The blogger's block had struck me for the last couple of days. Today in particular, I was in a surly mood. To top it all, it was bright and sunny... rainy days atleast let you savour a bad mood :| Stuck with nothing to do in a city with absolutely nothing to be done, life wasn't quite fun and excitement.
I had only my three loves to turn to... who nowadays work in shifts ;) One of them at night, one of them for most part of the day, and the third comes to me now and then. I mean, music at night, computers (and linux) during the day. The third beckoned - the rails. I decided to take a walk to do a bit of railfanning, and in the process, think of a topic to blog about. Thus began the evening... and you'll either love this post, or feel bored(which is the case if you 'skim' over the post) and think I'm a nut. Either way, I don't give a damn :)
A quick evening bath and a shave were refreshing. Putting on my favourite jeans and a tee (that hadn't seen daylight for a long time), I set out. All I had was a ball-point refill in my pocket. Time was 1740 hrs...er okay, 5:40 pm :D I rounded the curve from my house to the mainroad and started walking, towards Eastfort. Road-widening works on one side of the road meant that one side of the road resembled a desert (with particular reference to sand-dunes), and that the snarling traffic always chooses to take this particular road. Implying --> continuous risk to life :\ Hardly had I walked a few steps when I was greeted with a hiss of airbrakes and a loud honking, putting me wise that it was just a few inches that had saved one Mr. Sriram from having become the late Mr. Sriram. I continued walking...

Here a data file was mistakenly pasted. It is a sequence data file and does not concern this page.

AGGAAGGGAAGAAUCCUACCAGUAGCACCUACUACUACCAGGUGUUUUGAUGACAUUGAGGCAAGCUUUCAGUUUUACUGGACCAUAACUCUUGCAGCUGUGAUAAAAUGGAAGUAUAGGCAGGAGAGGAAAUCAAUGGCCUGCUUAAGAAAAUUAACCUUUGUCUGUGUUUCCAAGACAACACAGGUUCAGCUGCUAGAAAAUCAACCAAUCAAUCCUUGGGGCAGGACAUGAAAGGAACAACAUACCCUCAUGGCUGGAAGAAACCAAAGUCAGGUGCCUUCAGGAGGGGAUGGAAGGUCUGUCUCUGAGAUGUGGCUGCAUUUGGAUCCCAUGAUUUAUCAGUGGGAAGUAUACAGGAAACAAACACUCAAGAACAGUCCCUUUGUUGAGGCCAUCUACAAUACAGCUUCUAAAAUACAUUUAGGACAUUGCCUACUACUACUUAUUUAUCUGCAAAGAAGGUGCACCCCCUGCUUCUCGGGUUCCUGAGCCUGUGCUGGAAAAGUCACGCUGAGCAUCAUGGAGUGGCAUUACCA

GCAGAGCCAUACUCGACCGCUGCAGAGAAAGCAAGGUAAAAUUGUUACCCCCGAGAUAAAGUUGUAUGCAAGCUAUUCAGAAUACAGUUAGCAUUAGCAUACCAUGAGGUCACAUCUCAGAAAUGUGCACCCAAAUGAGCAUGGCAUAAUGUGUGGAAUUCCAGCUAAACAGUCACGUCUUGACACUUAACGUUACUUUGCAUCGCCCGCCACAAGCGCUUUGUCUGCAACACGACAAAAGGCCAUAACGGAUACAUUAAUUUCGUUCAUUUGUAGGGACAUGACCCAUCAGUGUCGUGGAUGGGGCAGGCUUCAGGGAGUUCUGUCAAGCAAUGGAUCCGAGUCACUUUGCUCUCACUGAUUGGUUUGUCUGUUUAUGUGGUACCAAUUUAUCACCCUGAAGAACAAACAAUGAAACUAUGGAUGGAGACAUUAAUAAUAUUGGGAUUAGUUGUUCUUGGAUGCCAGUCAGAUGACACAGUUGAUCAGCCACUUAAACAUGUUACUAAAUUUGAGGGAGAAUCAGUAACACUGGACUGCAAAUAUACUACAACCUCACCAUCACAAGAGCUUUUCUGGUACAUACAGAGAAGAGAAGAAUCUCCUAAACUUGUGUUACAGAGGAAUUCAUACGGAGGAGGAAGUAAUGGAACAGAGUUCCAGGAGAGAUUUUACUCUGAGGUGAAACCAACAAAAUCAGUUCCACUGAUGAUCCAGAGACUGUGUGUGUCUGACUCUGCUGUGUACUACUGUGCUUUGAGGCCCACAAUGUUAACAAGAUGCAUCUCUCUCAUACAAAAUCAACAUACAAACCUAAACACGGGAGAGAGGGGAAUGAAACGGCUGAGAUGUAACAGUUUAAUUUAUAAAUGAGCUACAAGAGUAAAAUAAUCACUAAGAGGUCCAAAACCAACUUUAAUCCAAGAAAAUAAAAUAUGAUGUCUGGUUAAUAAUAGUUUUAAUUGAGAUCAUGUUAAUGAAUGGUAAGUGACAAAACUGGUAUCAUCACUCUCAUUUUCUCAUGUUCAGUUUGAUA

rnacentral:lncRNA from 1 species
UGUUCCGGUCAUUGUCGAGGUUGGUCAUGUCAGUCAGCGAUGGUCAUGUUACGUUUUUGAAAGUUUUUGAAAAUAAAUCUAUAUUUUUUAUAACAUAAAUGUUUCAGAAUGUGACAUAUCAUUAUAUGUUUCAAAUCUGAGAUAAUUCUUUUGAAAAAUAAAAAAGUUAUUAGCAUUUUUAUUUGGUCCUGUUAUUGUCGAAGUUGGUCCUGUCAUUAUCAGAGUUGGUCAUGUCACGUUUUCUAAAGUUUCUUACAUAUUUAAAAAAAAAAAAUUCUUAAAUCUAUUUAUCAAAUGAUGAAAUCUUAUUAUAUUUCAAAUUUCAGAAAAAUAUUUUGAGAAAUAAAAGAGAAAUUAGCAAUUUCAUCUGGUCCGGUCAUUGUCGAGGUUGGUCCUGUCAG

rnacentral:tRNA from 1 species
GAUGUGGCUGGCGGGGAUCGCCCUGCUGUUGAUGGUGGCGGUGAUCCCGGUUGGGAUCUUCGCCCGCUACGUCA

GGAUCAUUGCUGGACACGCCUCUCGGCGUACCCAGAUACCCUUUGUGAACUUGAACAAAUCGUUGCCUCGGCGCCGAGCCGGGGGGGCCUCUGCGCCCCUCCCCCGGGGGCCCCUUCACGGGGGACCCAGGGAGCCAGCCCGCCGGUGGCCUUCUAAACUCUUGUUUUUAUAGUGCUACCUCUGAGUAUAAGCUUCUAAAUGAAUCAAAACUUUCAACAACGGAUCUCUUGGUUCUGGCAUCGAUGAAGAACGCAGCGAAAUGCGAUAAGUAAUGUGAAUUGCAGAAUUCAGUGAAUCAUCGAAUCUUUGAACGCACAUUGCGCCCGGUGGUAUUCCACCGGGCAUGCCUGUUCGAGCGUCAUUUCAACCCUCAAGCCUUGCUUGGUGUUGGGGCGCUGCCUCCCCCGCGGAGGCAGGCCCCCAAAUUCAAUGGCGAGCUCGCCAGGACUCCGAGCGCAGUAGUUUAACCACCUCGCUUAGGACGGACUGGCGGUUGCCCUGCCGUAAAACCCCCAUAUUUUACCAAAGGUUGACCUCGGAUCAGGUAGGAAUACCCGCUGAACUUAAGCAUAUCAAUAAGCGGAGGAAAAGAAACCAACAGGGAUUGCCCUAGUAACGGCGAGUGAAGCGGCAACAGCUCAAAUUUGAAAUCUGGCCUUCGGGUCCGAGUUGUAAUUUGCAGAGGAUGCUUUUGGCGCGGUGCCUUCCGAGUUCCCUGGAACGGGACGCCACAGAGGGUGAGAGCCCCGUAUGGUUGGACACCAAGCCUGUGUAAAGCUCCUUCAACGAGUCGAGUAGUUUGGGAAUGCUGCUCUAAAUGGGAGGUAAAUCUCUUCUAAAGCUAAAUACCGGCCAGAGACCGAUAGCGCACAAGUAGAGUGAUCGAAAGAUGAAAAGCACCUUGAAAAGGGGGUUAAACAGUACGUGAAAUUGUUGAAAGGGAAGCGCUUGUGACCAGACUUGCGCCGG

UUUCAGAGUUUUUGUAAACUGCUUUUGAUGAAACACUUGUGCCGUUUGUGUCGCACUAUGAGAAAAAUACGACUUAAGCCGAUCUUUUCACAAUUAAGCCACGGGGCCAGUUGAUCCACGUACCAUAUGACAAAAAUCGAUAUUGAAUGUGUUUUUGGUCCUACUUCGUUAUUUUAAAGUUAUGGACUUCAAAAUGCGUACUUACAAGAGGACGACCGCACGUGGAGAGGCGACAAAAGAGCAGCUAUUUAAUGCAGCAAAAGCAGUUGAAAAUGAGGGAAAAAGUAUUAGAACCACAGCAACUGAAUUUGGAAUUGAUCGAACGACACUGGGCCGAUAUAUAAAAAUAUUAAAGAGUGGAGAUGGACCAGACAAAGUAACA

South Fort... with its numerous little houses. A small girl trying to master her bicycle. At the end of a particularly daunting turn, she falls. Her friends, ahead of her, turn at the noise, giggle and go back to help. A couple of old women sitting on their perches - stone steps that go up to their houses - chat idly. 'Rajdhani buildings'... a long line of jewellery shops greets me as I turn left. I have always wondered why the people construct their shops right next to another one which deals in the same articles. Altogether, there are some twenty jewellery shops in some hundred metres. The very refreshing breeze on this stretch is a plus point to the pedestrian movement on this road, apart from the shops.
East Fort... The bus stand. I have been through this thing almost every alternate day one year ago. Long line of passengers waiting for their buses amidst a continuously moving stream of would-be passengers walking to their respective buses, while hawkers peddle a variety of items like magazines, peanuts, mobile-phone covers, and the poor owner of the makeshift umbrella-repair facility or the watch-service one goes about his livelihood. The whole affair takes place in a concrete shelter perpetually reeking of foul bus-exhaust and occasionally, of pee.